- Category: New Aquarium Setup
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Probably the most important step in starting a new aquarium is letting the tank cycle. Cycling is the process that starts the biological filter. During the cycle, the necessary colonies of Nitrosomonas and Nitrospira each take hold and grow. The colonization of the filter and gravel by Nitrosomonas (AOB) initiates the nitrogen cycle. After this, a natural succession occurs where the AOB convert ammonia in the aquarium to nitrite. Before the next wave of bacteria, Nitrobacter and/or Nitrospira, can colonize the aquarium two conditions must be met. First, there must be sufficient nitrite in the water for these NOB to take hold. Second, since growth of these bacteria is somewhat retarded by ammonia, the ammonia concentration must be brought nearly to zero by the AOB. So there is a population dynamic where the AOB population explodes because of the large amounts of ammonia in the water. They quickly use this up and produce a nitrite spike. Since the ammonia level is low, the AOB population starts to die back. At the same time, the nitrite spike fuels an explosion of NOB. When the nitrite is used up, the NOB start to die back. All of these dying bacteria, together with whatever food is being added to the system, decomposes to ammonia, which feeds the AOB population. The pendulum swings back and forth until the AOB population just keeps up with ammonia input, and the NOB population just keeps up with nitrite production. When these cultures are in equilibrium, the ammonia and nitrite concentrations are maintained at or near zero and the tank is said to be cycled.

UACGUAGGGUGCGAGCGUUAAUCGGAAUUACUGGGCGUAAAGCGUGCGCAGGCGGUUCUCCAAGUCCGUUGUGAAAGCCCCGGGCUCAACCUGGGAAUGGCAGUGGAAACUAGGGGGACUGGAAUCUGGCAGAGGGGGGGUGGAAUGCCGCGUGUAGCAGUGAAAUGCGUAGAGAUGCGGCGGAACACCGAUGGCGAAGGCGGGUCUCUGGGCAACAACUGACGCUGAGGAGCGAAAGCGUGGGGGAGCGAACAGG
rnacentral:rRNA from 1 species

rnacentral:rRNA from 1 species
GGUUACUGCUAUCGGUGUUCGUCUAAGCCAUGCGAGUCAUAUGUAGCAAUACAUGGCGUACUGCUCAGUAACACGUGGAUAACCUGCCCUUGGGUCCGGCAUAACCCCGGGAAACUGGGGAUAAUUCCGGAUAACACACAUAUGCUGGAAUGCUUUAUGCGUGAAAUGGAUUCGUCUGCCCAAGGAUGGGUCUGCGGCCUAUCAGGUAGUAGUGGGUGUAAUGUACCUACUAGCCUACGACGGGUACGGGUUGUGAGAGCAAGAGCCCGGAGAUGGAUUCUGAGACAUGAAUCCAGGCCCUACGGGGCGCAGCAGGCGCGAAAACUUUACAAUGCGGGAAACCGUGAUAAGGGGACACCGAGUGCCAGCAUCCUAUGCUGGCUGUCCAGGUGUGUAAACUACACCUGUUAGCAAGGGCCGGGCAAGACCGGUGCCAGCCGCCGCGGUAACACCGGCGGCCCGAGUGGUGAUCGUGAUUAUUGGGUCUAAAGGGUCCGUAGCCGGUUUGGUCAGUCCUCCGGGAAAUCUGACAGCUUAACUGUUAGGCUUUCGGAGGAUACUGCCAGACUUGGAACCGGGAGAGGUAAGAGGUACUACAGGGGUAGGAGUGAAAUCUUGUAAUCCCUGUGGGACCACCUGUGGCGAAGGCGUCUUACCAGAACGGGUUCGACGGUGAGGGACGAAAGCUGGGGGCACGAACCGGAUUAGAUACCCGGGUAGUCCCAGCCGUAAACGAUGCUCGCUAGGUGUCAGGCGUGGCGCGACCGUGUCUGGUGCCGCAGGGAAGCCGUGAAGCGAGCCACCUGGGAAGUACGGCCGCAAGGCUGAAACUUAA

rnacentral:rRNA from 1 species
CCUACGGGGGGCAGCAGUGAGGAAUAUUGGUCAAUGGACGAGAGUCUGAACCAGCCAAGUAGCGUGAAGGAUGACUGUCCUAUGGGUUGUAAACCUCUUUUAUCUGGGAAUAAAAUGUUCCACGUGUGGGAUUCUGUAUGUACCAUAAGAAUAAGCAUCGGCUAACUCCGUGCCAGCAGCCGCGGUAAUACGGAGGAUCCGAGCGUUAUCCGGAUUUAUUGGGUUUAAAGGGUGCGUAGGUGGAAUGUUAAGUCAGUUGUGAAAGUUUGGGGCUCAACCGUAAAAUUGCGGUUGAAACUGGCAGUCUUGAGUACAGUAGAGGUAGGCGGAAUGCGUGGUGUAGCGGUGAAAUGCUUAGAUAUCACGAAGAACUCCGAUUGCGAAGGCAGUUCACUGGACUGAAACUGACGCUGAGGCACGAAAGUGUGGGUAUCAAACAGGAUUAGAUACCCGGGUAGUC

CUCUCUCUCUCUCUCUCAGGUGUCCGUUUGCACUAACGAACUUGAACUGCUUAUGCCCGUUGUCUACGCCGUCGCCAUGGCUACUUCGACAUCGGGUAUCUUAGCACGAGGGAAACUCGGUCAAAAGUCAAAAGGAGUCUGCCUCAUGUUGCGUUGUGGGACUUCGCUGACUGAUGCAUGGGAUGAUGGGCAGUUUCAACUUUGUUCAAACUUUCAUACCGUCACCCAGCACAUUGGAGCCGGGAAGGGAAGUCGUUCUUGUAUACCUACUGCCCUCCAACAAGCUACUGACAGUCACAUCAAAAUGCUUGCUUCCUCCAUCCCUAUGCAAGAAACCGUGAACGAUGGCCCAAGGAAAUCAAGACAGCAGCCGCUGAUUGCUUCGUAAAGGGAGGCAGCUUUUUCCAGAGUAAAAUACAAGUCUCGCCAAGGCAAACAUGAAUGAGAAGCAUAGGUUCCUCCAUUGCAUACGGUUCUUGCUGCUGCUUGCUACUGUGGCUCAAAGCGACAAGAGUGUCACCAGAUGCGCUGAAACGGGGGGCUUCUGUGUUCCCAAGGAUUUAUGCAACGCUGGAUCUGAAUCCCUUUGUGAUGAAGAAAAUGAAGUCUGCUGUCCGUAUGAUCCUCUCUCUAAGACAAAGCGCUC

This diagram shows the progression of ammonia, nitrite, and nitrate levels during cycling. The values were taken from my African cichlid tank when I first set it up. I colored the curves to illustrate the toxicity of the various compounds. While there is a small green "safe" zone marked for ammonia and nitrite, these should be maintained at zero in the aquarium. I'm sure there is a "safe" level of carbon monoxide, but I wouldn't buy a house that had it!
The procedure for cycling a tank is simple. Just fill the tank with water, turn on the filter, and wait. Establishing the necessary bacterial cultures is not a rapid process and can take four to six weeks. Be patient! The only things you should do to hurry the cycle along is add small amounts of food, or add some gravel or filter media from a healthy, established aquarium (or both). Flake food or tiny bits of shrimp work well. These small food inputs will provide ammonia and eventually nitrite to feed the cultures. Many tropical fish retailers sell cultures of nitrifying bacteria to make the tank cycle more quickly by establishing the bacterial populations faster. The number of living cells in these preparations varies greatly, and I have not read of anyone strongly recommending them. Many older aquarium books and most fish retailers tell people to cycle the tank using one or two hardy fish. This is not only unnecessary, it's cruel. The water in a brand new aquarium is nowhere near adequate for supporting aquatic life! Test the water for ammonia and nitrite once a week for the first two weeks, then every few days after that. Once the levels reach zero, it is safe to begin stocking the aquarium - slowly. Add fish one or two at a time if they are large, 3-6 is O.K. if they are small. If too many fish are added too quickly the waste they produce can overwhelm the biological filter and cause an ammonia spike. Remember that any sort of medication added to the main tank will kill your biological filter as well as the disease you are treating. This effectively "uncycles" the tank. If you medicate you main tank (I advise against it - get a cheap hospital tank) you need to pay careful attention to ammonia and nitrite levels and be ready to do daily water changes.